Not Evangelism

Friday, January 28, 2011

Nothing Too Nice To Use (Moleskine Notebooks)

One of my personal principles is the avoidance of clutter: owning nothing that I don't use regularly, having nothing Too Nice To Use. Clutter - aside from lying around, waiting to be dusted, cluttering up the place - is a sneaky kind of waste. After all, if I'm not using something, then I don't need it. Which means I've wasted time, money and effort on buying it, and I'm going to have to waste more on getting rid of it. Not to mention the cost of producing it in the first place; cost that has no pay back in use because it's just not getting used.

In short, I'm a practical person and I can't have ornaments, by which I mean something I might use one day in the future, or which I'm saving for a special occasion. Something, in other words, that's just Too Nice To Use.

When I find something that has become an ornament in my life, I give myself two options: use it (and I mean really use it, regularly, not just some token effort every now and again). Or get rid of it; if I don't use something, then it has become waste, clutter, so it needs to be passed on, recycled, re-purposed, disposed of. I give myself a little time to trial the process; an amnesty, if you like.  I set a reasonable time to understand my habits, and whether I can and want to change them. If, after the trial period, I can look honestly at what I've done, and say that I'm using the items - I keep them. If, on the other hand, it doesn't work out, then we part company equitably.

Example: Moleskine Notebooks

I'd been quietly collecting notebooks for a short while, the result of some whimsical shopping and a few choice presents from wonderful friends. I particularly liked the Moleskine notebooks; the idea of them, the feel of them, the history. I liked the size of the notebook; they fit the hand very nicely. I liked carrying them around. I thought the hard covers were likely to be handy for on-the-go jottings, for writing anywhere.

But after a time it became clear that all I was doing was carrying them around. I wasn't using them for taking notes, wasn't writing in them. I realised that my Moleskine notebooks had slipped out of use, crossed the line beyond Saved For Best. I was saving my Moleskines for Something Special, never using them: too nice for To Do lists, shopping, jottings.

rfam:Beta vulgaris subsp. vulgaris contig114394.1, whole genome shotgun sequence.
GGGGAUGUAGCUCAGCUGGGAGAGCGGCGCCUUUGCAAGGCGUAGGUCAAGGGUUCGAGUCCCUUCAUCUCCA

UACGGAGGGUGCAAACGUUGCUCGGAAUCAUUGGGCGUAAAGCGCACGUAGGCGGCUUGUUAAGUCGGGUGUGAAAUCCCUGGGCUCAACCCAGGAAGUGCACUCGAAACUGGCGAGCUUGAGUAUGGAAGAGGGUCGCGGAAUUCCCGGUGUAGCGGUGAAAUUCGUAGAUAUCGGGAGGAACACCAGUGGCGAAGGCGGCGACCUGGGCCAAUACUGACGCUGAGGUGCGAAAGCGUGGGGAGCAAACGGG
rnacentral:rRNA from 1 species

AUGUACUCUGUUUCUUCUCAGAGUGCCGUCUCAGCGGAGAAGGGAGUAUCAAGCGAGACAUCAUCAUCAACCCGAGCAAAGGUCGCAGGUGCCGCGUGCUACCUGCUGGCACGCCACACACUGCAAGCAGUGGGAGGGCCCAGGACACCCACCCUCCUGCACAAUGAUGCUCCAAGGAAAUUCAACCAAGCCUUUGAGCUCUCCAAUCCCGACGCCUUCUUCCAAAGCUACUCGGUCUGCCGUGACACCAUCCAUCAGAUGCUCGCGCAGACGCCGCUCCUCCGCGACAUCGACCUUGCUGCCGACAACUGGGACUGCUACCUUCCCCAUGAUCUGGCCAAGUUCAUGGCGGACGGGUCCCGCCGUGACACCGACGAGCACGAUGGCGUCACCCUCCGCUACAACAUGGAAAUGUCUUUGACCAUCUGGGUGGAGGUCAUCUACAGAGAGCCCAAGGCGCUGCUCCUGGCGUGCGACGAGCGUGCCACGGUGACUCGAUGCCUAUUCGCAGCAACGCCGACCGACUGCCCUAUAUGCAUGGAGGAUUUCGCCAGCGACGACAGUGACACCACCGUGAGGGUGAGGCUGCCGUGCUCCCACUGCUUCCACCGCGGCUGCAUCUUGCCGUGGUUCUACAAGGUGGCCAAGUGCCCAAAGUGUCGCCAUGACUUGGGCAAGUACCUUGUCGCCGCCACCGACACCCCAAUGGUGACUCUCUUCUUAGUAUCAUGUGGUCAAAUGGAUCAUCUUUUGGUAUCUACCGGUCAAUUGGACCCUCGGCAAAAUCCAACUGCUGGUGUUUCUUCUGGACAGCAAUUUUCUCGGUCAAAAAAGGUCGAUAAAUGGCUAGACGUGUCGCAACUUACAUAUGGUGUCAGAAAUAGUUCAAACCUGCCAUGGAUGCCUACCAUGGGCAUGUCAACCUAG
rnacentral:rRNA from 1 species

They'd become ornaments. Too Nice To Use.

So I started to use the Moleskines. I gave myself two weeks. I stopped carrying any other notepads, stopped using the back of envelopes for those sudden thoughts, started writing in the books I'd been saving for best.

And you know what? It turns out that I don't like Moleskine notebooks very much. The lines are too close together for when I'm feeling expressive, or when I don't have a decent surface to write on and my handwriting goes all crazy. They're too small for when I need space to think. The paper doesn't play very well with my fountain pen (which was especially disappointing, because I had been saving them for Something Special). And writing every on other line makes me feel like I'm a child at handwriting class, feels like I'm wasting paper.

In short, I realised that the Moleskine notebooks weren't as nice as I'd thought.

Which is when it got even better.

I realised that my Moleskine notebooks didn't warrant saving for best. They really weren't too nice to use, not by a long distance. And that realisation was particularly satisfying, because it allowed me to use them more; for more than just my most important thoughts. I didn't need to be precious about them. Their function was to be jotted in, not carried around primly or kept on a shelf.

Now I use my Moleskine for everything. I scribble in them, doodle in them, write my shopping lists and idle thoughts. I tear pages out to give to other people. I use them, really use them. Oh, I'm not profligate with them; I don't waste them. But I do use them, and gladly. They're not clutter, they're useful, and used. They're no longer ornaments; they're utensils, something to be used up.

Which is something of a result.

Related articles:

1 comment:

  1. I too have a moleskine given to me as a present at the begining of my PhD. I decided I would only use it for GREAT ideas that deserve a permanent home in a well made notebook - you know, like Darwin's theory of evolution, that type of thing. I bet that was written on a moleskine or something similar. But it turns out that great ideas do not announce their arrival with a fanfare and give the receiver time to grab the BEST notebook, so all 2 of my great ideas in my three years PhDing were written on scraps of paper, coded in to a computer program and then thrown away. My moleskines are now empty. I have therefore decided to use my notebook as nothing more than a notebook - that means, dates, times, ideas for my research that might never see the light, meeting minutes, someone's phone number, shopping lists. I reckon it would probably take me at least 6 months to get through one notebook so 5-10 quid is not really all that expensive either.